Debugging using code

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Using Events

The other way of debugging your rules is by using some events and internal methods that are provided by all engines. All of the following engines derive from a base class called ActiveElementEngine that provides some base events and methods to enable you to track the execution of rules:

  1. Procedural
  2. Validation
  3. Flow
  4. Decision
  5. Workflow

The following events give you the ability to monitor the execution of rules:

  1. /// <summary>
  2. /// When element is executing
  3. /// </summary>
  4. public event EventHandler<ActiveElementExecutionEventArgs> ActiveElementExecuting;
  6. /// <summary>
  7. /// When element execution is finished
  8. /// </summary>
  9. public event EventHandler<ActiveElementExecutionEventArgs> ActiveElementExecuted;
  11. /// <summary>
  12. /// When executor passes an element
  13. /// </summary>
  14. public event EventHandler<ActiveElementExecutionEventArgs> ActiveElementItemOutOfScope;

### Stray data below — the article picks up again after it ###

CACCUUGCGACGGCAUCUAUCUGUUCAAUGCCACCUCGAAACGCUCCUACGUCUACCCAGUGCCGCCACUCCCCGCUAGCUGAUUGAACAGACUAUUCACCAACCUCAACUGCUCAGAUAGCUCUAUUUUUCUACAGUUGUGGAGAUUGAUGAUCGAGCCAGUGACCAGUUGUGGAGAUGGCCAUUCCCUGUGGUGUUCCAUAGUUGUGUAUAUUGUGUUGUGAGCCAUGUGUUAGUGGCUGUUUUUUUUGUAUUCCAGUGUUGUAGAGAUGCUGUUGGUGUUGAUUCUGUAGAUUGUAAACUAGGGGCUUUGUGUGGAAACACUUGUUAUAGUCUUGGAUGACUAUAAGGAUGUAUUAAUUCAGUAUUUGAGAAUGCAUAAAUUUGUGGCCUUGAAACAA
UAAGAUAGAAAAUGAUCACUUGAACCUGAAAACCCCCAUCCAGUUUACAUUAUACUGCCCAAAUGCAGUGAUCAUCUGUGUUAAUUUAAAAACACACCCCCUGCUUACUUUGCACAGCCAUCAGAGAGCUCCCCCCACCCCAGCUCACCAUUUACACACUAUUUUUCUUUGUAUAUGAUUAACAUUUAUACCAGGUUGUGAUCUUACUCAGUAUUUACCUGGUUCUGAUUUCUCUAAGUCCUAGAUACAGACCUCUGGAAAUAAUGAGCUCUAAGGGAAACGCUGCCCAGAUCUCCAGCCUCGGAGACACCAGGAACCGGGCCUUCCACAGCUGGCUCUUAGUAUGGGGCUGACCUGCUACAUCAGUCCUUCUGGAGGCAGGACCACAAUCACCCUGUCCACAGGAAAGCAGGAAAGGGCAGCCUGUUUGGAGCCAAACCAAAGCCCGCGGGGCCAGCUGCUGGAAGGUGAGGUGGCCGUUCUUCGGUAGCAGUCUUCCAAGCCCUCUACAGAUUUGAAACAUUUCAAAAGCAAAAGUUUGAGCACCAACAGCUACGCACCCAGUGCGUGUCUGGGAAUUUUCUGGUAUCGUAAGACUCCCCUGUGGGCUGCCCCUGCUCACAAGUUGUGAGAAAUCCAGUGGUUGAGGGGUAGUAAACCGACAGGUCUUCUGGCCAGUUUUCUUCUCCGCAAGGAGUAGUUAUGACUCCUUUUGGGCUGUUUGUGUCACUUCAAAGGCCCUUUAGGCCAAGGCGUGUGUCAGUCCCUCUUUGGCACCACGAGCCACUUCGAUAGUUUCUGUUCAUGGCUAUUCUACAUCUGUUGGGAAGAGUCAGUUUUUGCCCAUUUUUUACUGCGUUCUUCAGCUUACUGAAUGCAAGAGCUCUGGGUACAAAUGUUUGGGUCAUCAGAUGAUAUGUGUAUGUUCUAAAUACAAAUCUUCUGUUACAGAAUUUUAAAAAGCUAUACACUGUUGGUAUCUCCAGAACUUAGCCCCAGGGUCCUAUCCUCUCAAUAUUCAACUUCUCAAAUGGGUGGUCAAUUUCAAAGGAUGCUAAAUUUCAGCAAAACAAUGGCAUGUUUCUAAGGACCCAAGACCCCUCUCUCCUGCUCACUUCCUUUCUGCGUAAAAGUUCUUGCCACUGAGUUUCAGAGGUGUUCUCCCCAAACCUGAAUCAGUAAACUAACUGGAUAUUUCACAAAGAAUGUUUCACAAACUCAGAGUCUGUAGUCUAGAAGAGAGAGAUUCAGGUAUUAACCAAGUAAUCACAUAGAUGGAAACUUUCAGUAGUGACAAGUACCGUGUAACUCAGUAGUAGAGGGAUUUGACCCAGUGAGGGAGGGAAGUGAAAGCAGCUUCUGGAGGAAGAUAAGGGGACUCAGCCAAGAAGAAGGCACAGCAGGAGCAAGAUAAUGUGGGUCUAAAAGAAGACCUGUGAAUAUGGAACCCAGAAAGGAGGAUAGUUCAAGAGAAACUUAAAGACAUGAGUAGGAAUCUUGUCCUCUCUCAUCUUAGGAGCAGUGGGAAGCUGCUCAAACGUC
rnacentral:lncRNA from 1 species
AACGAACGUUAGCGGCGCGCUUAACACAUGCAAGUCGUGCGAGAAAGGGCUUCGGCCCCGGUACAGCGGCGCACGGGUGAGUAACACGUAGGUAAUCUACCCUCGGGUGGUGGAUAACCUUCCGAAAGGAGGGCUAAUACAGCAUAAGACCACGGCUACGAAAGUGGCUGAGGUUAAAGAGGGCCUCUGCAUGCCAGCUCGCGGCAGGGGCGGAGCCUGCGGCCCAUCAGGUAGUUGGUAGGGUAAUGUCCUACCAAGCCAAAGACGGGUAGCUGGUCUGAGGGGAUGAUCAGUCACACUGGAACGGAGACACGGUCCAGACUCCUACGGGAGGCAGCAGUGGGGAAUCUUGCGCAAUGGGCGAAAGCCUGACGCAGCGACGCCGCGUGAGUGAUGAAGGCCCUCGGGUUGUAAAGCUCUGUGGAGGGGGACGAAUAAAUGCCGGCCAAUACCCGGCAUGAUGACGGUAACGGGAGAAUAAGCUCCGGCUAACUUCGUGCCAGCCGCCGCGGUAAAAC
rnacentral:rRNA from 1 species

16. /// <summary>
  17. /// When element is reached
  18. /// </summary>
  19. public event EventHandler<ActiveElementExecutionEventArgs> ActiveElementItemTracing;

If you are writing a unit test, console application, or any sort of sample application that consumes your rules, then you can handle these events and start logging and debugging execution by putting a break point on these event handlers.

Also, the other way of putting a break point inside your rules is using the 'System.Diagnostics.Debugger.Break()' method. You can simply use Using to import these into your rules and call the 'Break' method to attach your rules to the debugger when required.

  1. <Declaration>
  2.     <Using path="System.Diagnostics.Debugger"/>
  3. </Declaration>

Next sections

  1. Introduction to debugging
  2. Debugging using Designer
  3. Debugging using code
  4. Debugging in Visual Studio
  5. Inspection Windows
    1. Parameters window
    2. Watch window
  6. Debugging Workflow